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Javit of the translator, made before him or some other United States commissioner or judge, that the same is correct. Ib.

Public officers should furnish authenticated copies of documents in their custody, when demanded, and should assist in bringing forward testimony, according to the duties of their several stations; and indivi. duals should not refuse to give testimony. 1 Opinions of U. 8. AttorneysGeneral, p. 82.

The commissioner before whom an alleged fugitive is brought for hear. ing should keep a record of all the oral evidence taken before him, taken in narrative form, and not by question and answer, together with the objections made to the admissibility of any portion of it, or to any part of the documentary evidence, briefly stating the grounds of such objections, but should exclude from the record the arguments and disputes of counsel. In re Henrich, 5 Blatchford's 0.8. Circ. Ct. Rep., 414; 2 Abbott's Nat. Dig., 509, note ; 10 Cox's Criminal Cases, 626.

As to the necessary authentication of depositions under the English statutes to carry into effect the extradition treaties with France, see Re Coppin, 2 Law Rep., (Chancery App.) 47; and the Correspondence between the French and English Governments on this point, in Accounts and Papers, 1866, vol. LXXVI., (38.) See reviews of this controversy in a paper by Mr. Westlake, in Transactions of National Association for Promotion of Social Science, 1866, p. 144, and in a report by Mr. Picot, Bulletin de la Société de Legis. Comp., Mai, 1869, p. 56.

Necessary proof of guilt.

221. The extradition of an alleged fugitive from justice, under this Section, can be made only when the fact of his commission of the offense is so far established that the laws of the country making the extradition would justify apprehension and commitment for trial, if the crime had been there committed.

This provision is contained in nearly all the American treaties. Mere suspicion is no ground for a requisition of a fugitive from a foreign nation. The law of nations requires that evidence, clear and positive, shall be furnished. 1 Opinions of U. S. Attorneys-General, p. 509.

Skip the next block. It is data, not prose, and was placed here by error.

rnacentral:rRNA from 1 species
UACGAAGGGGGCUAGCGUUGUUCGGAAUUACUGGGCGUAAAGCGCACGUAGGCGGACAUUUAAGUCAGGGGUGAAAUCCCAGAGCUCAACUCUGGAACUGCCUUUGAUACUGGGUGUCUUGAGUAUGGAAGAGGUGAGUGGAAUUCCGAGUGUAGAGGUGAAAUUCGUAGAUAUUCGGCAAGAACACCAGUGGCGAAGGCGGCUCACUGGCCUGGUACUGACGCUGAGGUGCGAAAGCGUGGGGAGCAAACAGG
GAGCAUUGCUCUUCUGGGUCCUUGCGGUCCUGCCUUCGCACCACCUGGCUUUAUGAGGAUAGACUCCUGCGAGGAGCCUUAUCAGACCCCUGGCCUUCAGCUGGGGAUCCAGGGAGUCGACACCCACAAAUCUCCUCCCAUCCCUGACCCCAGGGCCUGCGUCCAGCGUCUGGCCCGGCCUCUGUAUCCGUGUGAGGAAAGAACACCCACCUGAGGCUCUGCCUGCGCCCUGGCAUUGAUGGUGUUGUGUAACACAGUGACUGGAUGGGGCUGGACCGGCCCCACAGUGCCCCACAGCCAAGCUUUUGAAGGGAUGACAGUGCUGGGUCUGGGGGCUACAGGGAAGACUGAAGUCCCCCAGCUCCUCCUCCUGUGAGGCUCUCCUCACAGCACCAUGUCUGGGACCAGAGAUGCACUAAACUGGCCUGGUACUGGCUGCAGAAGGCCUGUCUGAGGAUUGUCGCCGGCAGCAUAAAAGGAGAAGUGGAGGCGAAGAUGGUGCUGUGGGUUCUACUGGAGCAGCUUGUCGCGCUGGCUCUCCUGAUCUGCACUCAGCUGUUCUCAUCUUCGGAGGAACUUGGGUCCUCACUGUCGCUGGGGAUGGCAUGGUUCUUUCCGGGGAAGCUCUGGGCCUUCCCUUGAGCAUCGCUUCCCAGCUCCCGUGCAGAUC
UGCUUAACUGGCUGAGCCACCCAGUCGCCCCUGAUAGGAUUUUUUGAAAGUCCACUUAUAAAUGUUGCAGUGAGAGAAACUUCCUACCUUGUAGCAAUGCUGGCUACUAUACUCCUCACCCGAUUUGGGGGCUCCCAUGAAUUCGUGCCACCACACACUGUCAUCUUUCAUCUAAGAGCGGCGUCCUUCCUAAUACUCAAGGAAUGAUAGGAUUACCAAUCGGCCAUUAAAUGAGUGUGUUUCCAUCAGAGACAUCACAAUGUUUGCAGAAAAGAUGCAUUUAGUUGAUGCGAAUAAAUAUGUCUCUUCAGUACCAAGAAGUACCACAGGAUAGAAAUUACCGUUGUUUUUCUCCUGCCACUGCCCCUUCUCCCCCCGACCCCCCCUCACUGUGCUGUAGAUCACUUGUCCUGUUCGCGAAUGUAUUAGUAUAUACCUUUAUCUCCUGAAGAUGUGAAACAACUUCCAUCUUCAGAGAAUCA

The proof should be in all cases not only competent, but full and satisfactory, that the offense has been committed by the fugitive in the foreign jurisdiction ; sufficiently so to warrant a conviction, in the judgment of the magistrate, of the offense with which he is charged, if sitting upon the final trial and hearing of the case. No magistrate should order a surrender short of such proof. El-parte Kaine, 3 Blatchford's U. 8. Circ. Ct. Rep., 1.

A letter from the foreign minister resident here, asking for the preliminary process for extradition of an alleged fugitive criminal, accompanied by a warrant of arrest of the accused, purporting to be issued on due inquiry and evidence, by competent judicial authority in the foreign nation and sufficiently authenticated by the minister's certificate, would not, if presented to an examining magistrate in the United States, be alone suffi. cient to authorize him to certify the criminality of the party charged, on which to found his actual extradition ; for such evidence would not justify his commitment by the local law where the examination takes place. 6 Opinions of U. S. Attorneys-General, p. 217.

To authorize the arrest and removal of a fugitive from justice to the State having jurisdiction of the crime, it must distinctly appear, from the affidavits before the magistrate upon which the requisition was based, that the supposed criminal committed the crime in the State from which the requisition proceeds. Ex-parte Smith, 3 McLean's U. S. Circ. Ct. Rep., 121.